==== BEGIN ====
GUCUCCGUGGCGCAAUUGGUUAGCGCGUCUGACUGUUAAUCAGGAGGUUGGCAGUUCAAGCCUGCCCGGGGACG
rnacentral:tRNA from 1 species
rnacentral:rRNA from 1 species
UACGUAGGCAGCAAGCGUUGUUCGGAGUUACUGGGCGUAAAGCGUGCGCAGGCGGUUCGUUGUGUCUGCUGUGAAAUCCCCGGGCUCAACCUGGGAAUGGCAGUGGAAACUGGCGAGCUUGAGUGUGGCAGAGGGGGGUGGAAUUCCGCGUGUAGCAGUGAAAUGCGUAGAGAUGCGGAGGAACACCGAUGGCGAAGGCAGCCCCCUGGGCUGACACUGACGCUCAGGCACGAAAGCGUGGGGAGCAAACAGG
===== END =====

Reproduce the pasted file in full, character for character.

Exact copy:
GUCUCCGUGGCGCAAUUGGUUAGCGCGUCUGACUGUUAAUCAGGAGGUUGGCAGUUCAAGCCUGCCCGGGGACG
rnacentral:tRNA from 1 species
rnacentral:rRNA from 1 species
UACGUAGGCAGCAAGCGUUGUUCGGAGUUACUGGGCGUAAAGCGUGCGCAGGCGGUUCGUUGUGUCUGCUGUGAAAUCCCCGGGCUCAACCUGGGAAUGGCAGUGGAAACUGGCGAGCUUGAGUGUGGCAGAGGGGGGUGGAAUUCCGCGUGUAGCAGUGAAAUGCGUAGAGAUGCGGAGGAACACCGAUGGCGAAGGCAGCCCCCUGGGCUGACACUGACGCUCAGGCACGAAAGCGUGGGGAGCAAACAGG